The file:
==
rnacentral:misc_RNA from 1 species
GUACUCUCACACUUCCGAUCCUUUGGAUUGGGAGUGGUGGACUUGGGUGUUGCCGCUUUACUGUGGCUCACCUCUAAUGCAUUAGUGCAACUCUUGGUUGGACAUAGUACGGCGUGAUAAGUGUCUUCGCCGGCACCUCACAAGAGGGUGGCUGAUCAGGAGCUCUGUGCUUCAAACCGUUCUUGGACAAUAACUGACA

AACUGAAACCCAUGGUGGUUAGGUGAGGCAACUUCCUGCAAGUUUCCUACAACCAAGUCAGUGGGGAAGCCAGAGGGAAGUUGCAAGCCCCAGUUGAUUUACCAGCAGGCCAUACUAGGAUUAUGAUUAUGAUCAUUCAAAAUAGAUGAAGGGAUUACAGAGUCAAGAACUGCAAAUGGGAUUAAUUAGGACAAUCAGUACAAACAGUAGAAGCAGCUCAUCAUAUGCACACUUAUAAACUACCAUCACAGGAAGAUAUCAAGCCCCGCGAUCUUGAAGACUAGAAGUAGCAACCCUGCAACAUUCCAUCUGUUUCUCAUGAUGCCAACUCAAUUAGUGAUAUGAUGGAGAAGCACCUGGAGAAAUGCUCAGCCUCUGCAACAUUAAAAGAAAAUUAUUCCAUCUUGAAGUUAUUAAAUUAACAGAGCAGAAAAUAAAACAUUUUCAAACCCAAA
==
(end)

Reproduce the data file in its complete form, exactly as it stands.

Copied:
rnacentral:misc_RNA from 1 species
GUACUCUCACACUUCCGAUCCUUUGGAUUGGGAGUGGUGGACUUGGGUGUUGCCGCUUUACUGUGGCUCACCUCUAAUGCAUUAGUGCAACUCUUGGUUGGACAUAGUACGGCGUGAUAAGUGUCUUCGCCGGCACCUCACAAGAGGGUGGCUGAUCAGGAGCUCUGUGCUUCAAACCGUUCUUGGACAAUAACUGACA

AACUGAAACCCAUGGUGGUUAGGUGAGGCAACUUCCUGCAAGUUUCCUACAACCAAGUCAGUGGGGAAGCCAGAGGGAAGUUGCAAGCCCCAGUUGAUUUACCAGCAGGCCAUACUAGGAUUAUGAUUAUGAUCAUUCAAAAUAGAUGAAGGGAUUACAGAGUCAAGAACUGCAAAUGGGAUUAAUUAGGACAAUCAGUACAAACAGUAGAAGCAGCUCAUCAUAUGCACACUUAUAAACUACCAUCACAGGAAGAUAUCAAGCCCCGCGAUCUUGAAGACUAGAAGUAGCAACCCUGCAACAUUCCAUCUGUUUCUCAUGAUGCCAACUCAAUUAGUGAUAUGAUGGAGAAGCACCUGGAGAAAUGCUCAGCCUCUGCAACAUUAAAAGAAAAUUAUUCCAUCUUGAAGUUAUUAAAUUAACAGAGCAGAAAAUAAAACAUUUUCAAACCCAAA